The impact of focus of attention on elite level curling rock draw delivery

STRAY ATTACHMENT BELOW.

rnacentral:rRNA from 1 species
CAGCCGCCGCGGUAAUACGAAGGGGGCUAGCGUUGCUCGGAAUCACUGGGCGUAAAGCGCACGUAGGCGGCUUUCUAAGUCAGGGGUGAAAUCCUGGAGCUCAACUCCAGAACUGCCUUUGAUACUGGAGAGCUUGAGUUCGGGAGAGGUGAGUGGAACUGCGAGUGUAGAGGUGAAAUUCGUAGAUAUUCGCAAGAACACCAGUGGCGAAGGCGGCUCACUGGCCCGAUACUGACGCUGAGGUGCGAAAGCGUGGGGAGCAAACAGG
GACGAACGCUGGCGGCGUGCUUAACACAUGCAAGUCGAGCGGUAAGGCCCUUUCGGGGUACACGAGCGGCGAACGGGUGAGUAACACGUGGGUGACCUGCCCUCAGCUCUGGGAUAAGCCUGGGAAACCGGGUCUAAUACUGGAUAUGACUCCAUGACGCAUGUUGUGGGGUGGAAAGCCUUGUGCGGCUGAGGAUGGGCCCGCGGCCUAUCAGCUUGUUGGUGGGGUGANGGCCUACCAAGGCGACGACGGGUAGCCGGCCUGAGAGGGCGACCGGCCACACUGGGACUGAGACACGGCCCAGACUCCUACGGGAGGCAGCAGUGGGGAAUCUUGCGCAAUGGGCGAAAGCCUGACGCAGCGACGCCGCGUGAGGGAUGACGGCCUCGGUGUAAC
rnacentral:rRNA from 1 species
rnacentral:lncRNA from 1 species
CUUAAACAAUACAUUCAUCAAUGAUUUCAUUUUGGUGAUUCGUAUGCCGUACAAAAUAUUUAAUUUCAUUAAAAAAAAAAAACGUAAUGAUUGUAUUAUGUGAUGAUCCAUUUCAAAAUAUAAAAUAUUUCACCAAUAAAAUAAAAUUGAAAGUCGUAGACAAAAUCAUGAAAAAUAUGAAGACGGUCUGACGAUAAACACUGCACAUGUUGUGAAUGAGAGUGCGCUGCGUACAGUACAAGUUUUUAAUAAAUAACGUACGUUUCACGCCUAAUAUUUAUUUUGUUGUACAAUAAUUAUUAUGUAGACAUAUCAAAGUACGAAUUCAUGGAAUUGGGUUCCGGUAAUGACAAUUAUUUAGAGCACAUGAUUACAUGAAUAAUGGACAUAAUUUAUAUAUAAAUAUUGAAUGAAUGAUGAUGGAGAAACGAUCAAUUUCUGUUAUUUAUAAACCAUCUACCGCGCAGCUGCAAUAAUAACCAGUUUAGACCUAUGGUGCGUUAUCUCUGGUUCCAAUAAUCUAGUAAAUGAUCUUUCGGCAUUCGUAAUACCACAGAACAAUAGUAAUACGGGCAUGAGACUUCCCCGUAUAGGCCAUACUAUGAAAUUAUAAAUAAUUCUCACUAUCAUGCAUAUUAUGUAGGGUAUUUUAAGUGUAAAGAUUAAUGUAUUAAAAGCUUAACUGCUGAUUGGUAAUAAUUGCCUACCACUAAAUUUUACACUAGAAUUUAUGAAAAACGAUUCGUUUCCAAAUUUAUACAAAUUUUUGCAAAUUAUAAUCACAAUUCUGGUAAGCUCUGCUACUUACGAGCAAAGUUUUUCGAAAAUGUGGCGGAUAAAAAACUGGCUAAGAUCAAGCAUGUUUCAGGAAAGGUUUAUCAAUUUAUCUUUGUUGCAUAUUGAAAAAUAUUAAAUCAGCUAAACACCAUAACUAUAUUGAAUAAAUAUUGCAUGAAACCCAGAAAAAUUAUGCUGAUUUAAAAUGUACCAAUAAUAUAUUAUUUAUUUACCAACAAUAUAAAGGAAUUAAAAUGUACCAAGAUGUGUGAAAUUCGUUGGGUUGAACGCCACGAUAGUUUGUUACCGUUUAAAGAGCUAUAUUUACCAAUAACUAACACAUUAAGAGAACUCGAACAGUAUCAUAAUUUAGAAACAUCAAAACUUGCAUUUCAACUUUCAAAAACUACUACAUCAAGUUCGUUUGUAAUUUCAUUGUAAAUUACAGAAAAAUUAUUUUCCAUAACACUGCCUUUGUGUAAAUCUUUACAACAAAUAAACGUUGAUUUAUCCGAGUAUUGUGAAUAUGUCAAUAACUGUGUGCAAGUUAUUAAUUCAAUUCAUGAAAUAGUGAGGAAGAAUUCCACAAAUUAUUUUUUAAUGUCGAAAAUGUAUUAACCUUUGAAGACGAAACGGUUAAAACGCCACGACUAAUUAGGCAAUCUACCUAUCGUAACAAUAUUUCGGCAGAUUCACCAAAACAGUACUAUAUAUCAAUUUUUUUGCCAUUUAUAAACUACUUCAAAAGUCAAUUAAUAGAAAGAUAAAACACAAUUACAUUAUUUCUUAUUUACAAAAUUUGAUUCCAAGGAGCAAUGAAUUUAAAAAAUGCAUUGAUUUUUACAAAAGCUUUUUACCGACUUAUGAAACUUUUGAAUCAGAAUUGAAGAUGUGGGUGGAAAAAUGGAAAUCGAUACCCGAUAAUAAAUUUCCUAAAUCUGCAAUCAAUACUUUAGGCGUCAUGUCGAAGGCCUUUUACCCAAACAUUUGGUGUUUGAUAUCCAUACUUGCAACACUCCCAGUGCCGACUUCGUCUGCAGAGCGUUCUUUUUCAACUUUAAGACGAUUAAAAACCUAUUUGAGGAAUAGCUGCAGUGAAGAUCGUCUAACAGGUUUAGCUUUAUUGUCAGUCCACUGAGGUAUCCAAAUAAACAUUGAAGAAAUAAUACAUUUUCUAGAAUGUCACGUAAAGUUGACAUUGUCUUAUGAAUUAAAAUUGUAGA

Application of focus of attention theory (FOA) to accuracy-oriented sports has shown performance improvements but has not been investigated in curling. The present study investigated if FOA application to in-turn and out-turn draws can aid in the performance of draws among elite Canadian curlers (ECC). Right-handed ECC (N=11; 4 female, Mage=27.23, SDage=4.56) threw in-turn and out-turn draws with control, external and internal focus instructions. Dependent variables measured include end-point accuracy (constant error [CE], absolute constant error [ACE], radial error, and variable error), hog-to-hog time, time-on-line, velocity and acceleration. Questionnaires asked focus strategies and focus feedback. Performance data was analyzed using repeated measures ANOVA with Tukey's Honestly Significant Difference post-hoc test. Thematic analyses were conducted on questionnaires. Pairwise comparisons revealed that control in-turn draws (CID) (M=-55.8, SD=152) had significantly lower: 1) CE scores (t[9]=-2.2830, p=0.048) than internal focus in-turn draws (IFID) (M=-221cm, SD=222cm). CID (M=143cm, SD=87.4cm); and 2) had significantly lower Radial error scores (t[9]=-3.205, p=0.011) than IFID (M=263cm, SD=177cm). A significant main effect for focus F(2,18)=3.7497, p=0.044, n2p=0.294 on ACE score was observed. Pairwise comparisons revealed that CID (M=117cm, SD=108cm) had significantly lower ACE scores (t(9)=-2.8405, p=0.019) than IFID (M=242cm, SD=120cm). Thematic analysis revealed the importance of "touch" and blended focus utilization. Typical benefits of external focus cues applied in research do not appear congruent with ECC rock delivery. Although, a purely internal focus had detrimental effects on their accuracy supporting the constrained action hypothesis. Focus strategies described by ECC indicate the importance of shifting attentional foci throughout the delivery.